Use this URL to cite or link to this record in EThOS: http://ethos.bl.uk/OrderDetails.do?uin=uk.bl.ethos.570713
Title: Modeling pyroclast transport and sedimentation in the Andean central and southern volcanic zones
Author: Amigo, Álvaro
Awarding Body: University of Bristol
Current Institution: University of Bristol
Date of Award: 2011
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Abstract:
This thesis examines patterns of pyroclastic dispersal and sedimentation from active volcanoes located in the Andean Central and Southern volcanic zones. Numerical approaches are utilized, including single-particle trajectories, advection-diffusion and particle-tracking models, in order to gain insights into the impact of future volcanic eruptions in the region. Numerical models and wind data have been tested considering recent eruptions that have occurred in the Andes, and both tephra dispersal and recorded fallout have been successfully rebuilt. As volcanic zones are separated by several degrees of latitude, different environmental conditions are observed. For the Central Volcanic Zone interseasonal variability is present, and even opposite transport directions are observed between austral summer and winter months. Interannual variability is also detected, being mostly related to the El Nifio Southern Oscillation in the troposphere, and to the Quasi-Biennal Oscillation in the stratosphere. Outcomes from the modeling indicate that distal regions from the volcanic sources are likely to be impacted for tephra fallout, in particular when westward transport occurs during the summer (northern segment) or when eastward transport is intensified during winter (southern segment) . In contrast is the southernmost Southern Volcanic Zone where eastward transport is dominant throughout the year. Pyroclast dispersal is more widespread during the autumn-winter period, in connection with the arrival of frontal systems. Differences in atmospheric circulation between the upper troposphere and lower stratosphere are less evident at these latitudes. Probabilistic maps of tephra accumulation on the surface, derived for different eruptive scenarios, have been outlined for areas close to active volcanoes. Additionally, exceedance probability curves were estimated for places of interest. Volcanoes analyzed include El Misti in southern Peru, Parinacota in the Chile-Bolivia border and Lascar in northern Chile, which are located in the Central Volcanic Zone. Hudson volcano was selected from the Southern Volcanic Zone. Volcanic hazard implications are discussed for all case studies. In addition, pyroclastic transport and dispersal have also been addressed in some cases. Lahar flows were numerically simulated for Hudson volcano, and an estimation of the probability of occurrence of a moderate to high magnitude eruption was calculated. Some topics of the methodology are briefly discussed, including the importance of shape factor of particles on settling velocity. A sensitivity analysis of the estimated probability of tephra accumlation on the surface to the total number of simulations was investigated.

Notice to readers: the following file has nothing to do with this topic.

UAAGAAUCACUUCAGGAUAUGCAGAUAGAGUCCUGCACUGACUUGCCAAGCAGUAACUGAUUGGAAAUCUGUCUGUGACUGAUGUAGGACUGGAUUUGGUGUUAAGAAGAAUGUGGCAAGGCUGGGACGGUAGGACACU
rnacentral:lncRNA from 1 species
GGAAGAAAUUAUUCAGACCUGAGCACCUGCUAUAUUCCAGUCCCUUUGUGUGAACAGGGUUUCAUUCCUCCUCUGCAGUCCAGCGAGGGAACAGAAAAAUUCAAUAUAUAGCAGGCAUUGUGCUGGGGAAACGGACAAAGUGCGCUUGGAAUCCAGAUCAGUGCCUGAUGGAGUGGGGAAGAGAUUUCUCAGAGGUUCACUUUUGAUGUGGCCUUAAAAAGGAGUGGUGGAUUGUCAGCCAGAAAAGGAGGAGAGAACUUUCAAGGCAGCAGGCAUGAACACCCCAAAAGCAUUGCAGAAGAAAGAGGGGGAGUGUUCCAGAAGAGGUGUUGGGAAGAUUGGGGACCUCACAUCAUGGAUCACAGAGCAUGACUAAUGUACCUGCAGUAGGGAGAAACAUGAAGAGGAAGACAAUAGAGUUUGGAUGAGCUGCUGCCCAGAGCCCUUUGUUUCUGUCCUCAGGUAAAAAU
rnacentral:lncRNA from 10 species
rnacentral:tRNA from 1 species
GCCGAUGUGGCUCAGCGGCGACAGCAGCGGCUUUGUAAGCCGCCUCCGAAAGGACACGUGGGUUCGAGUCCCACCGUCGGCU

Supervisor: Not available Sponsor: Not available
Qualification Name: Thesis (Ph.D.) Qualification Level: Doctoral
EThOS ID: uk.bl.ethos.570713  DOI: Not available
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